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Friday, February 4, 2011

The Green Hornet

American actor Edward James Olmos.Image via Wikipedia
Cameron Diaz – the most high-profile star of the show – is peculiarly relegated to the role of eye candy, both in the context of the movie and for the audience. Her character has no actual role to play in the storyline other than perhaps to shoehorn some irrelevant romantic rivalry that never seems convincing.

Cringeworthy, too, is a bizarre conversation about Diaz' (movie) age. In it her character defends why she's temping for a businessman at 36, when she's clearly overqualified in terms of her knowledge and value to the business. The same question could well be asked of why she chose to be in this movie. Again, you're never sure if this is a nasty but clever intentional parallel with the real world, or if it's just ... you know... in the script.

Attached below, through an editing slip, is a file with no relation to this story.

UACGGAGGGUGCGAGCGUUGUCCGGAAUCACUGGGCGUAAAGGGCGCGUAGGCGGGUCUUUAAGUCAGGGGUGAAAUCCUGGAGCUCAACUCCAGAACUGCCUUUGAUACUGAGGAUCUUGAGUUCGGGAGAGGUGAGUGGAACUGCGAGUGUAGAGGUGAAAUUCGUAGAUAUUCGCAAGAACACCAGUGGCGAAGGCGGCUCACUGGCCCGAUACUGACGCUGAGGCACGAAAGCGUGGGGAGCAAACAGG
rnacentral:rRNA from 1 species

Christoph Waltz is wasted in a ridiculous parody of a crime überboss (again, when did pantomime come into this?), and so is Edward James Olmos, who somehow retains his hard-earned dignity in his few moments of screen time.

Perhaps the confused silliness of The Green Hornet can be summed up in a quote from the movie. When Kato asks whether Britt Reid knows Shanghai, Reid answers: "Yeah, I love Japan."

Some might find that funny, but the punchline is discomfiting when delivered by a supposedly likeable rich industrialist. The film may well be saying that actually, this guy is just a dumb, rich dickhead who gets all the credit for minority labour. And then again, it may not.

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